Welcome to Indian Defence Information

Indian millitary system is a very well organized section of defence that we all feel proud of as Indians. Indian millitary forms the backbone of Indian Defence. Newer and improved weapons are needed by the army to fight back. To make yourself up to date and informed about the new developements of technology in Indian Military, browse through this blog. Know how technology has been highly embraced in our Indian Millitary System.

Saturday, March 27, 2010

India successfully tests N-capable Prithvi II, Dhanush missiles

India today successfully test-fired indigenously developed ballistic missiles 'Prithvi II' and 'Dhanush' from different locations off the Orissa coast, adding more firepower to the armed forces.

"The tests were successful. Both the missiles test-fired early today met all the parameters," the director of the Integrated Test Range (ITR) at Chandipur, S P Dash, told PTI.

While the 'Prithvi II' was test-fired from complex-3 of ITR Chandipur, 15 km from here, from a mobile launcher at around 0548 hours, the 'Dhanush' was fired from INS-Subhadra in the Bay of Bengal near Puri at around 0544 hours by the Navy personnel as part of user training exercise.

The test firing of the short-range, surface-to-surface 'Prithvi II' ballistic missile having a range of 295 km, which has already been inducted into the armed forces, was a user trial by the Army.

The sleek missile is "handled by the strategic force command", the sources said.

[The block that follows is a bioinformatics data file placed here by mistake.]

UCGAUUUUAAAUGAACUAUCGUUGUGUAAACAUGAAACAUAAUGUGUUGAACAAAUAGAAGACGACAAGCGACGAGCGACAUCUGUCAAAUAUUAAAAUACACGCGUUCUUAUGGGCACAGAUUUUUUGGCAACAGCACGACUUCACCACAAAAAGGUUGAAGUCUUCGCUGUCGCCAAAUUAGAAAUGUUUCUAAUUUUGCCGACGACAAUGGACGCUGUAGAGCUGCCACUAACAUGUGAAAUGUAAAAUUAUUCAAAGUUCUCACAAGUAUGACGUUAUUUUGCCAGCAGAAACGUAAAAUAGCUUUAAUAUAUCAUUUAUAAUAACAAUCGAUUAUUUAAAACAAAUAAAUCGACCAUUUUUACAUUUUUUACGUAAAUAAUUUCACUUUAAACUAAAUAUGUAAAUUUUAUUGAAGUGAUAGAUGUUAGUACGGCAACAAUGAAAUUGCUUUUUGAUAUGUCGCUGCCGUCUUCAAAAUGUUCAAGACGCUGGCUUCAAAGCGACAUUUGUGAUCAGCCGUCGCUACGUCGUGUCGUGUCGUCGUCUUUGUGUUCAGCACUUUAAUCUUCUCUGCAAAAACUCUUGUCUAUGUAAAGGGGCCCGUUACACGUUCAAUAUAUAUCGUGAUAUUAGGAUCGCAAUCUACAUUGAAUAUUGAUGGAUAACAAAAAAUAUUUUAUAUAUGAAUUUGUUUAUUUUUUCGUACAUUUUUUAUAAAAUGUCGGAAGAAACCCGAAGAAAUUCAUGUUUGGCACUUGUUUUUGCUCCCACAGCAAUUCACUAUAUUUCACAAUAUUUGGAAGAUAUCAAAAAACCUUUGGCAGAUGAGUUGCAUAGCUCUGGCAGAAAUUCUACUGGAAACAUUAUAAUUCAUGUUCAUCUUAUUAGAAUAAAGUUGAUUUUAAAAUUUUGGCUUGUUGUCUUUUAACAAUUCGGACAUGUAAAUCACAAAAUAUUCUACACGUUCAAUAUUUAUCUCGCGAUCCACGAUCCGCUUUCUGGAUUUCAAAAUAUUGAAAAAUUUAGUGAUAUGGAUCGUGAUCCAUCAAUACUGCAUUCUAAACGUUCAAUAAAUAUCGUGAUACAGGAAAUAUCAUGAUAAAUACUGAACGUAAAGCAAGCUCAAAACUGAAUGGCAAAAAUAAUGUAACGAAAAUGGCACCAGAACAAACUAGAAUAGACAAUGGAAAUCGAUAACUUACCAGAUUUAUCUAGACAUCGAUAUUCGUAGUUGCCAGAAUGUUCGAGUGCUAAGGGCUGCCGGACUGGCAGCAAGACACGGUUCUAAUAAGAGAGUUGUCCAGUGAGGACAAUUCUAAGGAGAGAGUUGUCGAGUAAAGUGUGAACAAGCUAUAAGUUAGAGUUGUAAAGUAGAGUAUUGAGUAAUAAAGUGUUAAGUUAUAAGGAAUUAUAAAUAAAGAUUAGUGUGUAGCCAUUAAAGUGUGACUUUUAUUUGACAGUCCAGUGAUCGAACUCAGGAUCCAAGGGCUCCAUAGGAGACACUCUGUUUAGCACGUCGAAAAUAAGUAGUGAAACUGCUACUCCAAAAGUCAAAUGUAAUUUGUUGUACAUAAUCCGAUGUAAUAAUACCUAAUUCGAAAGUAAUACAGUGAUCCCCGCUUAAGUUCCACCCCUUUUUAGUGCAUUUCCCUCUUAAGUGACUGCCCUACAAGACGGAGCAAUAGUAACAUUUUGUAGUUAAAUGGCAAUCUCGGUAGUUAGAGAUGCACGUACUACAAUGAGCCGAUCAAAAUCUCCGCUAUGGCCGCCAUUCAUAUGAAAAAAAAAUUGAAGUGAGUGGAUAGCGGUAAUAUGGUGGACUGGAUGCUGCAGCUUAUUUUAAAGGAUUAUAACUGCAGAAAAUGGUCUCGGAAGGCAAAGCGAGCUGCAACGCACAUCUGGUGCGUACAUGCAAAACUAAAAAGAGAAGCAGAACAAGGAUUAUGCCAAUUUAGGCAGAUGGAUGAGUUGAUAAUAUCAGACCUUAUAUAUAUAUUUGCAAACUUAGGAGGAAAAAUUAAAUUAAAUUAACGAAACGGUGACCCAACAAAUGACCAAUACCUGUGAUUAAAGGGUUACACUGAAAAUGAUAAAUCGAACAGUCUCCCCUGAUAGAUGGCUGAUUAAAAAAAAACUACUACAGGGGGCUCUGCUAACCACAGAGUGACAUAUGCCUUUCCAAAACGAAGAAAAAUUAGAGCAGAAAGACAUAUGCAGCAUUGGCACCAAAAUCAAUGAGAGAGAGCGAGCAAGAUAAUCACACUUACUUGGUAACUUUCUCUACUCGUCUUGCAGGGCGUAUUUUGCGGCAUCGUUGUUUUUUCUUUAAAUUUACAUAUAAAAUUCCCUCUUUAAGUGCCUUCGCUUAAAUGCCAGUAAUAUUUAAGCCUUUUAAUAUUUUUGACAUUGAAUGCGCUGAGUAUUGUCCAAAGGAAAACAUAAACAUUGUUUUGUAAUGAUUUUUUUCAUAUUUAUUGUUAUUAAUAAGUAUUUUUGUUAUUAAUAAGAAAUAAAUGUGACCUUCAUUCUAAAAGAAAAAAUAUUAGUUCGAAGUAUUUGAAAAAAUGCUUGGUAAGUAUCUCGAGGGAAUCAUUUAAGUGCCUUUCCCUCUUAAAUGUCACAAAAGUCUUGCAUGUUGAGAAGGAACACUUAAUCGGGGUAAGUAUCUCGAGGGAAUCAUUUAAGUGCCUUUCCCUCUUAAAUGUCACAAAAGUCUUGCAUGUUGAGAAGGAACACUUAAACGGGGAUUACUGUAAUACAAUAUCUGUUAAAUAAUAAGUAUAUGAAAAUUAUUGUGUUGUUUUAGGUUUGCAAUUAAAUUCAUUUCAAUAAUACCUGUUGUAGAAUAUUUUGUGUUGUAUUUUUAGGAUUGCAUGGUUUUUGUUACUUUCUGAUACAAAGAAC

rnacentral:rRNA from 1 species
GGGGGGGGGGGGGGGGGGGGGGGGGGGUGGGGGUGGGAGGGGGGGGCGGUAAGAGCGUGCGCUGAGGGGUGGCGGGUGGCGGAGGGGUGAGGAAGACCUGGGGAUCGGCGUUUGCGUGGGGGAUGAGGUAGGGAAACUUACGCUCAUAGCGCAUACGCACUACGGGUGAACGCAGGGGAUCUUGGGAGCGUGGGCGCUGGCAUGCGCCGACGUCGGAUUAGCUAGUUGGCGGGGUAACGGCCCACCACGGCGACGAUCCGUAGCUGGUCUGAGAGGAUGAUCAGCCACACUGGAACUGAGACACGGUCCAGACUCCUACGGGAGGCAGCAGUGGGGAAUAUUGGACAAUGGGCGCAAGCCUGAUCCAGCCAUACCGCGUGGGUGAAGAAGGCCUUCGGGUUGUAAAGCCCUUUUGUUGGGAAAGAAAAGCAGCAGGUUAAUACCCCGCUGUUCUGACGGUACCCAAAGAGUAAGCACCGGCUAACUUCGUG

Prithvi, the first ballistic missile developed under the country's prestigious Integrated Guided Missile Development Programme (IGMDP), has the capability to carry 500 kg of warhead and has liquid propulsion twine engine.

With a nine-metre length and one-metre diameter, Prithvi II uses an advanced inertial guidance system with manoeuvring trajectory and reach the targets with a few metre accuracy.

The entire trajectory of today's trial was tracked down by a battery of sophisticated radars and an electro-optic telemetry stations were positioned in different locations for post-launch analysis, defence sources said.

The nuclear-capable 'Dhanush', the naval version of Prithvi, followed the pre-designated trajectory with text-book precision and two naval ships located near the target have tracked the splash, sources said.

The 350-km range missile will give the Navy the capability to attack enemy targets with great precision.

The sophisticated radar systems located along the coast monitored its entire trajectory, the sources said.

The single stage missile, weighing six tonnes, is powered by liquid propellants.

Friday, March 26, 2010

PAK-DA: Future Russian Bomber Project

The Russian Air Force PAK DA is a fifth-generation strategic bomber intended as the replacement of aging Tu-95MS, T-22M3 and Tu-160 long-range bombers by 2020. This new attack aircraft would be used in both conventional and nuclear conflicts using high-precision weapons. The PAK DA concept relies on the ability to fly at stratospheric altitudes (50,000 meters) with stealth features to avoid enemy air defenses. It remains unclear if this new airplane will be able to fly at hypersonic speeds. Besides, the PAK DA could be used as the basis for a stratospheric reconnaissance plane

Thursday, March 25, 2010

INS Shivalik - Ajai Shukla's Blog

In a stable full of carthorses, goes the saying, it’s easy to spot the racehorse. We drive into the high-security Mumbai Port Trust and, in the distance, through a clutter of freighters, tugs and dredgers, we quickly pick out the sleek lines of the INS (Indian Naval Ship) Shivalik.